The key plot of the series is Lorenzo beginning to try to unite some of the main city-states of Italy, in particular Milan and eventually Venice, together to form a stronger alliance for these cities and help their businesses, including the Medici bank that is struggling and overextended. In addition, the Medici lost their papal account and their bank is threatened with insolvency as the Pazzi conspire with the Pope (Pope Paul II and later Pope Sixtus IV) to stop the Medici. The Medici try to forge an alliance with Francesco Pazzi, as they see a split within the Pazzi family. This initially works but then begins to fail as Francesco begins to question the motives of Lorenzo. The alliance with Milan is also broken up with the murder of Duke Sforza of Milan, which was a conspiracy launched by the Pazzi. The Pope is also used to threaten families from forming alliances with the Medici. However, there is a desire to smooth tensions and the Pope gets involved by expressing his wish for peace. Without seemingly knowing or at least not knowing in detail, Pope Sixtus has Cardinal Riario send a delegation to Florence to try to sooth relations with the Medici and resolve the conflict with the Pazzi. Cardinal Riaro is a Pazzi alley and works with them to conspire against the Medici. This delegation is sent, although Lorenzo's wife begins to suspect something when she visits Carlo, Cosimo's illegitimate son who eventually became a prelate in Rome, with armed guards who are actually sent to conspire against the Medici and take over the Signoria. The Pazzi form alliances with some of the powerful families of Florence so they can also take power after killing the Medici while turning families against the Medici. The choice of Easter Sunday was chosen to launch the conspiracy because the Medici would certainly be in the Duomo attending services. The Pazzi appear to show peace and reconciliation with the Medici but in reality attack the Medici in the Duomo during Easter Mass. Giuliano is killed from behind by Francesco and his collaborators. However, they fail to kill Lorenzo, who is wounded but holed up in a small room in the Duomo with his wife and mother. Eventually, the people of Florence rally around the Medici and the conspirators are rounded up in the Signoria, where they tried to complete their conspiracy by taking authority over the city. Lorenzo also escapes the Duomo. The conspiracy now fails and the conspirators are captured and hung from the Signoria. Leonardo da Vinci, who was young and in Florence at the time, drew the hanging of one of the conspirators, who was Bernardo Baroncelli from a prominent merchant family in Florence that conspired with the Pazzi(Figure 2).<ref>For more on the key events leading up to the main Easter conspiracy, see: (Martines, 2004).</ref>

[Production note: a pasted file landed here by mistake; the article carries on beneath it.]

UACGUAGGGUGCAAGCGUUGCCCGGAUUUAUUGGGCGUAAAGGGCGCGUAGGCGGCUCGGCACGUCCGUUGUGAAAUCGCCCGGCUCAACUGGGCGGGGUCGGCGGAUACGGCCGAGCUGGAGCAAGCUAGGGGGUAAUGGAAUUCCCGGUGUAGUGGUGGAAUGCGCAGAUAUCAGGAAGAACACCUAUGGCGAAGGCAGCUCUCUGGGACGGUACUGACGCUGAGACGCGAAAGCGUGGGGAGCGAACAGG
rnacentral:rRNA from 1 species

[[File:Leonardo da Vinci - Hanging of Bernardo Baroncelli 1479.jpg|thumb|Figure 2. Leonardo's drawing showing one of the conspirators hung. ]]
The key events are accurate, in that the Pazzis did ultimately try to topple Lorenzo. The Medici's are shown as more benevolent, but this is not accurate as politics in 15th century Florence was likely ruthless with conspiracies launched by various sides. Such politics even may have later inspired Machiavelli to write his well know work <i> The Prince </i>. The events and people that influenced Botticelli, including two of his well-known paintings, may not have happened as shown, as the timelines do not match since his famous works were finished probably almost a decade later. Nevertheless, the importance of the Medicis in influencing the Renaissance, and the backstory of how they achieved their power over Florence as the Pazzi attempted to diminish their power, is true. The Medicis may not have been close to bankruptcy, but the killing of the Duke of Milan was also a key event during this time and, in fact, was related to the larger Pazzi conspiracy, as the Pazzi attempted to put another ruler on the throne of Milan. The Pazzi were banished or killed after their conspiracy against the Medicis failed and ultimately the conspiracy they launched devasted the influence of the family, although the Pazzis did later return to Florence in the 16th century.
Season 2 of the Medici is a fascinating and complex series that is highly entertaining. It has some historical relevance in that many key events and characters are true. However, it takes the liberty to mixup timelines and condenses some of the events, such as the death of Lorenzo's father and the events leading up to the Pazzi conspiracy. Surprisingly, Guiliano's son is never depicted, despite the fact he becomes an important historical figure himself.